Crown being blocked (with brim waiting in the background.)

Crown being blocked (with brim waiting in the background.)

The crown is blocked on a standard crown block and Karen is going to show me how to put the traditional shape in by hand – which, given that I am unlikely to buy a trilby block any time soon, is probably much more useful knowledge than just using the trilby shaped crown block…

Brim blocked and pinned

Brim blocked and pinned

The brim is blocked onto a polystyrene copy of a 1950s Dior block once owned by Freddie Fox.  I attached a crown block with the right head circumference to the brim block with masking tape and pins, to provide a guide to stretch the inner side of the rim over.  Then I cut the middle out of the flare and stretched it over the crown block steaming it as I went – very glad I was using a polystyrene version as the original block must have weighed a ton and would have been hell to manipulate!  We then wrapped a cord around the middle and pinned it into the block securely.  Finally once it was stretched at the crown edge I steamed smoothed and stretched the brim over the block, pinning as I went.

And now I wait to see what happens in tomorrow’s class as it will have dried thoroughly and can be removed from the block to be cut to shape and stitched together.

A Tiny Tri-corn and mixing beer with sewing…

My Tri-corn is finally done, complete with embroidered felt feather (forgive the picture.  I took it in a hurry first thing this morning.)DSCF8296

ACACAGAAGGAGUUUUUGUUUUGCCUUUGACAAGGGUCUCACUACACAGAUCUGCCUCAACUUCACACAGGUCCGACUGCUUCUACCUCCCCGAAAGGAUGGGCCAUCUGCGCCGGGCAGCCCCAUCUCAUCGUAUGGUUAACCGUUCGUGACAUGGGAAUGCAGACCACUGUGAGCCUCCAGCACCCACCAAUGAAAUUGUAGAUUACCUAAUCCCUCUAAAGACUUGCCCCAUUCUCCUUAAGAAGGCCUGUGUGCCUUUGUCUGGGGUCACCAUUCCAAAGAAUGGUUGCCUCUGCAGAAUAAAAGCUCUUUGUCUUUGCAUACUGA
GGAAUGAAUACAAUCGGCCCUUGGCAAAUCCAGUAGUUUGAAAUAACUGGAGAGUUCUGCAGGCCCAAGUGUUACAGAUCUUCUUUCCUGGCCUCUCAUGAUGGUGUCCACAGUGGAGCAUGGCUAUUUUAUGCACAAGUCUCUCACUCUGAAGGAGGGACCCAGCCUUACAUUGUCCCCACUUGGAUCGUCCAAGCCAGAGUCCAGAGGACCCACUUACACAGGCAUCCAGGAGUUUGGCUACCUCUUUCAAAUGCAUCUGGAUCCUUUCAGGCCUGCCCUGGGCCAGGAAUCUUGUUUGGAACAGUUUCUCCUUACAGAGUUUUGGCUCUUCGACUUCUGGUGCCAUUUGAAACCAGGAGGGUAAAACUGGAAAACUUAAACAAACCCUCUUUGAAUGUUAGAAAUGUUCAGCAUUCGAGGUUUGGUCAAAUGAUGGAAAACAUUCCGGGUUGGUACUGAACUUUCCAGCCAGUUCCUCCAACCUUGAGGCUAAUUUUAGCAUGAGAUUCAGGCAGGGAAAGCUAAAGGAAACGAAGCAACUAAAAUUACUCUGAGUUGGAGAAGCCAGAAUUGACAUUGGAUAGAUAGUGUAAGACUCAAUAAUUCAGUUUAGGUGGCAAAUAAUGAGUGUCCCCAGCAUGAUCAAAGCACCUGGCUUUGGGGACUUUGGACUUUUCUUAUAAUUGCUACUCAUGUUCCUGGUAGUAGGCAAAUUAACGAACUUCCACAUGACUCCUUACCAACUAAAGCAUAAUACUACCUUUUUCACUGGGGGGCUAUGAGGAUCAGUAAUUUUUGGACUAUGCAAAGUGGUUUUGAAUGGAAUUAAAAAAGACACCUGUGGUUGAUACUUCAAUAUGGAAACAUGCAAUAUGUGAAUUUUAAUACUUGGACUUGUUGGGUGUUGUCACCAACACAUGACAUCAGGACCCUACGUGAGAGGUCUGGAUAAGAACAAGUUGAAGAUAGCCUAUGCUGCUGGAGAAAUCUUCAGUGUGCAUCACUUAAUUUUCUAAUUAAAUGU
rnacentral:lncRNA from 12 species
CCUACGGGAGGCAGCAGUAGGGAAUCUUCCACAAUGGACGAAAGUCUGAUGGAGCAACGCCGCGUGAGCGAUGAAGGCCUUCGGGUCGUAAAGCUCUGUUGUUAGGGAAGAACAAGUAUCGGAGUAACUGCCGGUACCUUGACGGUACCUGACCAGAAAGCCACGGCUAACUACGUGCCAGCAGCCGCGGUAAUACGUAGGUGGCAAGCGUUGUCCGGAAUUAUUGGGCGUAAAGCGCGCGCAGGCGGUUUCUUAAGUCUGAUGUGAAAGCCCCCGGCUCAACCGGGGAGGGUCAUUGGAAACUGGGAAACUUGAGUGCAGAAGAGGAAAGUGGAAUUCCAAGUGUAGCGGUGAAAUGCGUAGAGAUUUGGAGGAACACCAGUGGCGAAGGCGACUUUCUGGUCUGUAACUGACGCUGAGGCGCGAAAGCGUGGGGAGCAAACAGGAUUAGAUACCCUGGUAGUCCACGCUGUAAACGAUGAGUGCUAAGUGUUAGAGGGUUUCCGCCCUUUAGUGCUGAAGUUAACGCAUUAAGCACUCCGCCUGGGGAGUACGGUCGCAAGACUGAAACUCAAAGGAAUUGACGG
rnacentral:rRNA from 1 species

I finished sewing on the crown and added the hatband and feather at the October meeting of KnitSewManyThings. They are a knitting and sewing group that meet monthly in a Stoke Newington pub, and was founded by members of the Tower Theatre (which is how I found them.)

I have been a member of the Tower for a number of years although my involvement these days is mostly as an audience member, and when the Scotsman directs a show, a provider of:

  1. moral support,
  2. reading in and a listening ear at auditions
  3. sumptuous ‘get in’ lunches for cast and crew

In July there was an article in the Tower e newsletter and I went to the August Meet only to discover that they meet on a Wednesday – the same evening as the Millinery Class I had just signed up for… However I made it to the October meet as they had it late and so it coincided with my half term.

I miss the ‘sitting around a table working and chatting’ element of my embroidery class. (We don’t know each other well enough yet in Millinery to be idle chatters – plus we are constantly learning stuff.) I’m not convinced that a pub is the best of venues for craft – the lighting leaves a lot to be desired! It’s not too bad if you are knitting or crocheting, but threading a needle is a bit of a challenge!!

Very good beer though which is a nice extra…

The F Word…..

I learned this week in my millinery class that there is one word that is definitely not to be used there – ‘fascinator’ otherwise known by our tutor as ‘The F word’…. !!

The subject came up as we are all currently making small constructed hats – the exercise is being used to teach us basic skills like wiring a brim or edging with petersham ribbon, but in a way that takes less time than making a full size hat.

Brim wire being attached with blanket stitch

Brim wire being attached with blanket stitch

We held the wire in place with masking tape and used a version of buttonhole stitch with an extra twist round the needle to attach the wiring.

I’ve shaped mine into a tricorn brim, although it won’t strictly speaking be a tricorn as it will have the wrong sort of crown.

Beginnings of a Tricorn

Beginnings of a Tricorn

The wire needs to be shaped before the petersham is added to the edge so am just beginning to sew it on with a stab stitch hence all the pins.  (I was packing up when I took this photo which is why the spare petersham is sitting in the middle.)  I think it’s going to look cute.  Much better than any old bit of feather, ribbon and wire, otherwise known as a fascinator!

Brim ready to sew on the petersham

Brim prepared ready to sew on the petersham